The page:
The process leading to the initial closing will also include creation of the legal entities acting as the investment manager and/or general partner, along with operating agreements and any other documentation of the governance and economics of these entities. The same law firm will typically represent both the PE fund and the sponsor / investment manager / general partner. The PPM will typically disclose this potential conflict of interest and the fact that legal counsel does not represent the investors, who will need their own counsel to review the fund documentation and negotiate their investment.

Private Placement Memorandum

Most PE funds rely on Rule 506 17 (CFR 230.506) under the Securities Act of 1933, as amended, for exemption from registration with the SEC for the offering of their interests to investors. While Rule 506 does not technically require any specific disclosure in offerings to accredited investors, it is a universal practice for a PE fund to prepare and deliver a PPM to investors and prospective investors. This is one of the first tasks, and in many ways the most critical, for which PE fund sponsors ask the assistance of law firms.

The basic legal standard is that the PPM must provide prospective investors with disclosure of all material facts about the offering and the PE fund: its management; business; operations; and the risks associated with the PE fund, its investment objective, and strategies. In addition, the PPM should not fail to disclose any material facts that would keep the disclosures actually made from being materially misleading. Generally, a PPM should contain largely the same information that would be found in the prospectus and statement of additional information filed by a publicly offered mutual fund as part of an SEC registration statement (although, of course, the PPM is not in fact filed with the SEC).

Most importantly, the PPM must accurately describe the material terms of the PE fund’s basic legal documents, such as the partnership agreement and investment management agreement (and memorandum and articles of association, if applicable). If there is a discrepancy between the PPM and the legal agreements, this creates regulatory issues for the investment manager in the context of SEC inspections and examinations. Discrepancies or material omissions also create the risk that investors will ask a court to conform the legal agreements to the disclosure in the PPM, or vice versa, presumably to the detriment of the investment manager / general partner.

A key difference between the PPM for a PE fund and the PPM for an operating company conducting a private placement of its securities is that the PE fund PPM will not contain financial statements or similar financial disclosure about the PE fund. Financial information, including investment returns of any prior funds, is provided to prospective investors via the PE fund’s audited annual report and interim unaudited reports to investors, which are typically requested by and provided to prospective investors during their pre-investment due diligence process. Additionally, the sponsor will provide PPM supplements to current and prospective investors periodically prior to the PE fund’s final closing. These supplements contain any material changes to the PPM, as well as summaries of all investments made to date.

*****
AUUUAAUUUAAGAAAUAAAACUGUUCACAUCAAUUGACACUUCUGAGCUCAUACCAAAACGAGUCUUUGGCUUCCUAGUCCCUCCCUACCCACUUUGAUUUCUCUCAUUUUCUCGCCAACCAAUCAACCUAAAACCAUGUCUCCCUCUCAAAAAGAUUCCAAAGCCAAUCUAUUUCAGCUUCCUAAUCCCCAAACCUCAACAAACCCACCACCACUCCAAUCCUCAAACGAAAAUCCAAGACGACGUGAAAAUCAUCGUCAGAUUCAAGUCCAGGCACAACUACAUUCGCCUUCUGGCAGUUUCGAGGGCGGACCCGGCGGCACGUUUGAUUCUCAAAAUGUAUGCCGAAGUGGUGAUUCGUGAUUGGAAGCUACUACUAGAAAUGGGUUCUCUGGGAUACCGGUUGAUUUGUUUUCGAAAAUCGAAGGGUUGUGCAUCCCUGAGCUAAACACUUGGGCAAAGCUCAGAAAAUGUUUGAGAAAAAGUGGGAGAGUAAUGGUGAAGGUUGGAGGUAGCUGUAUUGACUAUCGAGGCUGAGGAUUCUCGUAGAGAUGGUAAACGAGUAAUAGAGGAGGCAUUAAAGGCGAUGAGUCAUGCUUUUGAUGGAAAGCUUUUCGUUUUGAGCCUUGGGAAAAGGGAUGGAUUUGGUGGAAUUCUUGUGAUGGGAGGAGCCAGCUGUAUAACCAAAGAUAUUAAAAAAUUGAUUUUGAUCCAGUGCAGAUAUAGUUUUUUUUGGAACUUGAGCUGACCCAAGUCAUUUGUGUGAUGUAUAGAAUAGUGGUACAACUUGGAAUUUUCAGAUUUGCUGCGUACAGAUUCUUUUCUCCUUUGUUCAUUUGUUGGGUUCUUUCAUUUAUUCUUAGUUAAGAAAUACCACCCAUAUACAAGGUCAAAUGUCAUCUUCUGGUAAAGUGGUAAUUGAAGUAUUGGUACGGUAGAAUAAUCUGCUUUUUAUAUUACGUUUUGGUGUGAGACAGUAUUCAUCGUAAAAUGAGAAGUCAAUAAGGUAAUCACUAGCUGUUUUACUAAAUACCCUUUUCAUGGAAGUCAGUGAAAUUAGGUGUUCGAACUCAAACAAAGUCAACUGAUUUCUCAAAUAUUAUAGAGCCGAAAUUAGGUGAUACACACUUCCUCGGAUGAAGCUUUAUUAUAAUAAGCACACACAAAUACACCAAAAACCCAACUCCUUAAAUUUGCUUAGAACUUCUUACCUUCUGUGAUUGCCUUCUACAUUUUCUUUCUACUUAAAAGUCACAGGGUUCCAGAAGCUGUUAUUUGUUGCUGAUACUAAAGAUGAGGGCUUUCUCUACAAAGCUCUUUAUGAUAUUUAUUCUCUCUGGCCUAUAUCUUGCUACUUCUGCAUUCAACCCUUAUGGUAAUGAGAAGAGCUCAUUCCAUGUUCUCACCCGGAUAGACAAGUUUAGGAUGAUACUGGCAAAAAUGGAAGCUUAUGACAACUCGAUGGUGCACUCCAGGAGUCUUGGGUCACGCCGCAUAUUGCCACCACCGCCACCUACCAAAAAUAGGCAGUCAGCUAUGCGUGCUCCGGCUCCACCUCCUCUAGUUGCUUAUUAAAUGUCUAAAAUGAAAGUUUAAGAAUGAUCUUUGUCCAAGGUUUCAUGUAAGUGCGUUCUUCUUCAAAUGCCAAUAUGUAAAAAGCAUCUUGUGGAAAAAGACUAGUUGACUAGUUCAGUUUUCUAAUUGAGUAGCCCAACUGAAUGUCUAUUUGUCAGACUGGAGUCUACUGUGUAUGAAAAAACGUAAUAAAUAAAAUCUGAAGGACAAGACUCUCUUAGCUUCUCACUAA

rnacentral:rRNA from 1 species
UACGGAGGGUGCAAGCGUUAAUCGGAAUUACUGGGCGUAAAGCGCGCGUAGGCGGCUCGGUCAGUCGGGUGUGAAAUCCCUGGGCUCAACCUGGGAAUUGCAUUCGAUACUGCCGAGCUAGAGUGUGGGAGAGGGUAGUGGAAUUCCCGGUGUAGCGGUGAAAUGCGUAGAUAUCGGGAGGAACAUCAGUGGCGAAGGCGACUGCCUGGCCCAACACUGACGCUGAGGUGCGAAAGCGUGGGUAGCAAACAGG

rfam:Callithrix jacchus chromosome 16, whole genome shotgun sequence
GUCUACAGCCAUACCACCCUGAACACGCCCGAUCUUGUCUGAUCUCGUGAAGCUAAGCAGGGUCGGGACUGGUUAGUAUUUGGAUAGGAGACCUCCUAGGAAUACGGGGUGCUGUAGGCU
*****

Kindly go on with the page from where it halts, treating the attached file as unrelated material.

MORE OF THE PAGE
The PPM for a PE fund typically consists of the following major sections:

  • Cover page and inside and outside cover page disclosures. In addition to basic identifying information, such as the name of the PE fund and contact details for the investment manager, the key data on these pages includes legends and disclosures informing the reader that the PE fund is privately placed and not registered.
  • List of service providers. The names and addresses of the investment manager / general partner, legal counsel, auditors, administrator, and any other material service providers.
  • Summary of terms. This term sheet lists the essential economic terms, such as fees and expenses, priority of distributions, investor remedies, and minimum investment amount, and identifies the key service providers.
  • Investment objective and strategy. The investment manager generally provides a rationale for the PE fund’s target investments (e.g., middle-market healthcare companies). This may include general market data as well as research by media and industry sources. The rationale is usually followed by a high-level summary of the investment process used by the manager.
  • Management and service provider disclosures. In addition to basic fee terms and other material terms of any service provider agreement, biographies of the investment manager’s key personnel and investment professionals are included.
  • Risk factors and conflicts of interest. The reader would be warned of the potential downside of an investment in the PE fund, whether because of the nature of the investment strategy, the terms of the PE fund, or the relationships between management personnel and their outside interests.